now I know why patients have ER problems...

  1. So when I did go to the ER recently, I went to my hospital(45 mins away) rationalizing that "if I wind up admitted, I want a private room on my floor"....while I was there, I understand why pt satisfaction scores are so low.....few issues:

    1. I didn't constantly play the "i'm a nurse here" card, but I let it be known that I was having 15/10 pain and I needed some pain meds asap....45 minutes later, the doc finally sees me and takes another 30 minutes for the nurse to come start my IV and start a bag of fluid and give me some toradol and zofran...I understand the acuity of the ER, but seriously, 75 minutes to start treating pain? I felt bad about it too, I was the patient yelling that you could hear in the waiting room.

    2. while said nurse was starting IV...she had the extention in her mouth! YIKES!..I was going to say something, but I just wanted my meds....then my IV had 50 left before I went to US, so I asked if she could just lock me off if I wasn't going to have more fluids..."well, once it's done, I'll lock you off." needless to say it was very clotted off by the time I made it back....

    3. while waiting between CT of abd and us of gallbladder....didn't even get told about ct results until I hit the button 45 minutes later and wanting to know what was the situation.....

    anyone else have bad er expierence at their own hospital?
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  2. 12 Comments

  3. by   gibson0726
    That sounds terrible! I'm sorry you had to go through that!

    I was in a car accident when I was a first semester nursing student. I was brought in via EMS to the hospital I was doing me clinicals at. No one could get an IV started on me..there were 7 unsuccessful attempts before they paged anesthesia to come down and try.

    I had a broken radius and a dislocated tib/fib ankle fracture and the ER doc decides to pull on my foot with ZERO pain meds on board!! Needless to say, I was screaming! I was pretty po'd after that as well. I wound up having ORIF surgery, 1 plate with 7 screws. Then when I got up to the floor, the RN would only give me 1mg morphine q4hrs, even though I could have 1mg q1hr and my pain was 10/10..it was worse after surgery than before! Then they switched me from morphine to regular vicodin. Yeah, that didn't do squat. Then my IV went bad and they didn't restart it so I had to get IM morphine. Again with the 1mg BS, even thought I could have had more. I told them I needed percocet, but I never got it.

    Got sent home on norco 7.5mg and was finally able to control my pain. It was so ready to get out of there! It was a truly horrible experience. I later had clinical on an ortho unit and was shocked at how freely the narcotics were given out..made me wish I had my surgery there!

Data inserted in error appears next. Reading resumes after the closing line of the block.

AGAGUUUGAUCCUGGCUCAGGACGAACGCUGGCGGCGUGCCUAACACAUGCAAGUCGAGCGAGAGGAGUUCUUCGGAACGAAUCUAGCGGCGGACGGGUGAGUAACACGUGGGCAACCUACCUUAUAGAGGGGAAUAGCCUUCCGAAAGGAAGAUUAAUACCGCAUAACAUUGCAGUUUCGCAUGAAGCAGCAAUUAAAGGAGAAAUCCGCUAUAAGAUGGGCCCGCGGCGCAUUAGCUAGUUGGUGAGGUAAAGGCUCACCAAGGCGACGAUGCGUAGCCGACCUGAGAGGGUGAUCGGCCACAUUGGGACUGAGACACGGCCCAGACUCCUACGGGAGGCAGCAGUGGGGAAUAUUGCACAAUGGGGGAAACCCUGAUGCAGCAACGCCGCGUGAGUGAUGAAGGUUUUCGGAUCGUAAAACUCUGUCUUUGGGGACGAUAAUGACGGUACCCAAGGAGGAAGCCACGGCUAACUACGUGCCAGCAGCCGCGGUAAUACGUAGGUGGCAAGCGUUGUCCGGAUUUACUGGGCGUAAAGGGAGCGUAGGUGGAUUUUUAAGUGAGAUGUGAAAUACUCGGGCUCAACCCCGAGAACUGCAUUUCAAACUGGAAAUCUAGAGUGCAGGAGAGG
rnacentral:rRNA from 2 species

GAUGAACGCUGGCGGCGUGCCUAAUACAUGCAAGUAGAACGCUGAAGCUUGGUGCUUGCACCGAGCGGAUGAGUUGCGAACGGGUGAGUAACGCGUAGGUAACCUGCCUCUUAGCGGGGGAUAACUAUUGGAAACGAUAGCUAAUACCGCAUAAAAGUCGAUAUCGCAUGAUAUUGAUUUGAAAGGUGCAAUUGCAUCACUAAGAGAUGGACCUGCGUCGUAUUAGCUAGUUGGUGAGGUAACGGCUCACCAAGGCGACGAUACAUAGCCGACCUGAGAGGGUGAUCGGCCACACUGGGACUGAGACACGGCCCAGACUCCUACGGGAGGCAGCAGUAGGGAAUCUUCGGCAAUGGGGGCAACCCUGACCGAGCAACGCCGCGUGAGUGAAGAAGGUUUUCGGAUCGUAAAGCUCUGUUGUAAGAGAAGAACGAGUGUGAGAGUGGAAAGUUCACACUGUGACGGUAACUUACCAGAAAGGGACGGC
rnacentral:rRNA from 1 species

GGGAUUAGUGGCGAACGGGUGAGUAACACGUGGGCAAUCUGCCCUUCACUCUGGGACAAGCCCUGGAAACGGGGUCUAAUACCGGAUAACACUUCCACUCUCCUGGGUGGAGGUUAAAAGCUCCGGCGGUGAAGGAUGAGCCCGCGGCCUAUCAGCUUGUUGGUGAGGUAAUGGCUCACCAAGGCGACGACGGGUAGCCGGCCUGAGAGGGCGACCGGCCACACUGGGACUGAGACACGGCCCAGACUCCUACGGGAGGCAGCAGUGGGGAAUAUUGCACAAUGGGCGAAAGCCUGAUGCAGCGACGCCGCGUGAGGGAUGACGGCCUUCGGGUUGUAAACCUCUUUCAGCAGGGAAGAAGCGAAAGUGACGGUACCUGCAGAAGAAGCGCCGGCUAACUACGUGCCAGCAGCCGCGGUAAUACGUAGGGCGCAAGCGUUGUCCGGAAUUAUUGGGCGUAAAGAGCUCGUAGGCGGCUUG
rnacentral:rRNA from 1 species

4. by   jeckrn
    Quote from locolorenzo22
    so when i did go to the er recently, i went to my hospital(45 mins away) rationalizing that "if i wind up admitted, i want a private room on my floor"....while i was there, i understand why pt satisfaction scores are so low.....few issues:

    1. i didn't constantly play the "i'm a nurse here" card, but i let it be known that i was having 15/10 pain and i needed some pain meds asap....45 minutes later, the doc finally sees me and takes another 30 minutes for the nurse to come start my iv and start a bag of fluid and give me some toradol and zofran...i understand the acuity of the er, but seriously, 75 minutes to start treating pain? i felt bad about it too, i was the patient yelling that you could hear in the waiting room. i am not going to take anything away from your pain but as a past er nurse way to often we here that pain is >10/10. also you do not say how busy the er was on that day and why you had pain. this is not a excuse of why it took so long but if the er is very busy and other then you rating your pain high are you where not showing anyother signs of pain you are placed on a lower priority list. this is not an excuse for them but only some reasons why it can take so long. there was times that it would take over a hour just to see the triage nurse other then a quick look over when you walked into the waiting room.

    2. while said nurse was starting iv...she had the extention in her mouth! yikes!..i was going to say something, but i just wanted my meds....then my iv had 50 left before i went to us, so i asked if she could just lock me off if i wasn't going to have more fluids..."well, once it's done, i'll lock you off." needless to say it was very clotted off by the time i made it back....